Housing trends drive homebuilders and painting contractors to consider multiple solutions in architectural coatings.

A summer drive through rural America inevitably provides Rockwell-style images of local kids making a few extra dollars painting a neighbor's porch. A closer inspection, however, shows that the faces of American homes have changed considerably since Norman Rockwell first represented them in his idyllic scenes.

According to U.S. Census data, in 1991, 45% of all new home exteriors were made of wood. By 2001, that number had dropped to just 15%. The U.S. market for exterior building materials is now more diverse than ever - including raw materials such as brick, stucco, aluminum, cement fiberboard, hardboard, drywall and even steel.

For decades, the U.S. market has looked to 100%-acrylic latex paints as the logical choice for architectural coatings. Coatings made with 100%-acrylic binders provide outstanding benefits on wood, including good grain crack resistance, durability, gloss development and washability. With the revolution in new homebuilding materials over the past decade, however, choosing an exterior paint has become more difficult. While 100%-acrylic is an excellent choice for wood, it can fall short of other technologies when used on masonry, stucco, brick, drywall or metal.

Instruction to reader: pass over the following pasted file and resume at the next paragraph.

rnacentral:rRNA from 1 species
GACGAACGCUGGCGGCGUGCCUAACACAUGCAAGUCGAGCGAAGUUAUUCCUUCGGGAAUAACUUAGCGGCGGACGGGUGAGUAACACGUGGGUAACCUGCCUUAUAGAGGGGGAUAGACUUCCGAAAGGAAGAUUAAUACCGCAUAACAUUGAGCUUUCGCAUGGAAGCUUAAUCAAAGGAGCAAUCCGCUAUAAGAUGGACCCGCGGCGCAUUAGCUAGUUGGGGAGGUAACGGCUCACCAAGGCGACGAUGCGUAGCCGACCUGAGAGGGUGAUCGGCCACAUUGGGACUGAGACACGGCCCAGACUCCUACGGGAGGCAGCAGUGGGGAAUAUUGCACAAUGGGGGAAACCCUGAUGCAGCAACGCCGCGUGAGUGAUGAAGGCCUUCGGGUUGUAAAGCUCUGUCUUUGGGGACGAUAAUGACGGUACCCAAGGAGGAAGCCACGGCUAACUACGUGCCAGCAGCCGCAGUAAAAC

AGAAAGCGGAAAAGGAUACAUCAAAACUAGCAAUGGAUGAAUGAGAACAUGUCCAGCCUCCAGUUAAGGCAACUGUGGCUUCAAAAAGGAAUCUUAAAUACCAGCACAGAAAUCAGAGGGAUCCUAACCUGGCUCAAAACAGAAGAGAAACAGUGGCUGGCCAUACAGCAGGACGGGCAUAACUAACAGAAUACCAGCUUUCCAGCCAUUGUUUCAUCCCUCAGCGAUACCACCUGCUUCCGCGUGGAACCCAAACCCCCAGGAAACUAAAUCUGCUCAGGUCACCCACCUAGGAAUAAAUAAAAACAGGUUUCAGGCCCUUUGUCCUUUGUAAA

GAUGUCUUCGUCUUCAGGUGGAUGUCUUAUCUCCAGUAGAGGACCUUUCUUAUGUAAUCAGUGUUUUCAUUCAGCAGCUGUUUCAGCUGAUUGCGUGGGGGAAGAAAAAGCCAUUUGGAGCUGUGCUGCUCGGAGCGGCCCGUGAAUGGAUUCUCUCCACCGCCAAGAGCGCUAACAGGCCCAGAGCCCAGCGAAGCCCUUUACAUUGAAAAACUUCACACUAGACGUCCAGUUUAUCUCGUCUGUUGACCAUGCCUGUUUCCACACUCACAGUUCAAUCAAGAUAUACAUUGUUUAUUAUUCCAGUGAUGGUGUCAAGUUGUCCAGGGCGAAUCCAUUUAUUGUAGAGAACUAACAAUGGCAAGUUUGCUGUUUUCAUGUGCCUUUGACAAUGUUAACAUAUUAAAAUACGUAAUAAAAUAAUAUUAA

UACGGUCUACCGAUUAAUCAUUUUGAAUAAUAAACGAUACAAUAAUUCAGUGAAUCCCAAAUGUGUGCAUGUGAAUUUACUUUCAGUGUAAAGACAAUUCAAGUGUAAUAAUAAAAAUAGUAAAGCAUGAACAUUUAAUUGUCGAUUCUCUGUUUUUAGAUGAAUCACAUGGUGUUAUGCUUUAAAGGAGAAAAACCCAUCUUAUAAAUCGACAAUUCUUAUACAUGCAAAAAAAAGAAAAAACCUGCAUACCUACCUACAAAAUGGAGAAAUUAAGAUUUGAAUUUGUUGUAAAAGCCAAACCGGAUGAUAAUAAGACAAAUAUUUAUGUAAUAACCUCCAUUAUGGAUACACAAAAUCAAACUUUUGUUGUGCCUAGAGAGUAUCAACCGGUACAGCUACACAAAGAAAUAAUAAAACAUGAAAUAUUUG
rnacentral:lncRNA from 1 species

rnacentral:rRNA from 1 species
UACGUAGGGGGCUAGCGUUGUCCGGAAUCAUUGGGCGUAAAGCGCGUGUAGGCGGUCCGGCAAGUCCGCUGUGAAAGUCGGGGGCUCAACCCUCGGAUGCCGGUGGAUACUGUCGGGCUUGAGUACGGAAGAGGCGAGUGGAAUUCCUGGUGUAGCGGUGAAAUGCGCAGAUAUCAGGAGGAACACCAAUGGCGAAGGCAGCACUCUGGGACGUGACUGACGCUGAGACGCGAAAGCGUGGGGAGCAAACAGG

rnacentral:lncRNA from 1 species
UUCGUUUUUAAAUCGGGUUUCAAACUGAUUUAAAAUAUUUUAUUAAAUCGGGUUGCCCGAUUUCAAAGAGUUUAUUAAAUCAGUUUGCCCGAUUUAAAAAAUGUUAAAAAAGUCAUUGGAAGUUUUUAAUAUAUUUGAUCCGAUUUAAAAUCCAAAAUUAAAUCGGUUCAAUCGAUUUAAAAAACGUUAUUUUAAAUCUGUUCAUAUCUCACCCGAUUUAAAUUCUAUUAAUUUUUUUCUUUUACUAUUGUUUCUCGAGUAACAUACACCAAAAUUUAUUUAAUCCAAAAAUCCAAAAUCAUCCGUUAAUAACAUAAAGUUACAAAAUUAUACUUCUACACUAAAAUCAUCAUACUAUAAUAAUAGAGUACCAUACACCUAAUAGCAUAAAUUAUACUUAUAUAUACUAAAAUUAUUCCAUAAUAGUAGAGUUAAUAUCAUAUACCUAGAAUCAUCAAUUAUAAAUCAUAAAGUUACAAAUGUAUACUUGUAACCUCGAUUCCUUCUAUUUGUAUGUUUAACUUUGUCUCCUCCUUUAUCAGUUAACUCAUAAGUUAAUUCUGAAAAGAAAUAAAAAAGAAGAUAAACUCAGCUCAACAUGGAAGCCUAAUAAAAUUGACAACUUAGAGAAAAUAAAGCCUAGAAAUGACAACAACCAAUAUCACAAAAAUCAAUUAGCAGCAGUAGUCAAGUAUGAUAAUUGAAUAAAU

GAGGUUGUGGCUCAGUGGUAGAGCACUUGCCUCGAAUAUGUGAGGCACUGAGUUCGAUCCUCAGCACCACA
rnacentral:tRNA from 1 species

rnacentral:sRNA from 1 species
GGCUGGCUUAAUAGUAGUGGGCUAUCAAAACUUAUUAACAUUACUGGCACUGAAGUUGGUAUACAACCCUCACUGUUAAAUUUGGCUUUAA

In Europe and Asia, where non-wood substrates (primarily masonry and stucco) have been the exterior material of choice for decades, 100%-acrylic latex paints make up only a small share of the applied technologies. Contractors and homebuilders in those regions rely on a more diverse line of technologies, mainly vinyl versatate and styrene acrylic latexes, for exterior house paints.

Following Suit - Changes in the North American Market

As the North American market continues to shift, contractors and homebuilders are following suit with their counterparts in Asia and Europe. As a result, alternative paint binder technologies, such as vinyl acrylic, vinyl versatate, styrene acrylic and ethylene vinyl acetate (EVA) are finding their way into many new coatings formulations. Each of these technologies offers distinct advantages. Contractors and homebuilders must weigh multiple factors, including the substrate being covered, the versatility of the latex (in coating multiple substrates), the specific performance attributes desired and overall costs, when deciding which coating technology best meets the needs of their particular application.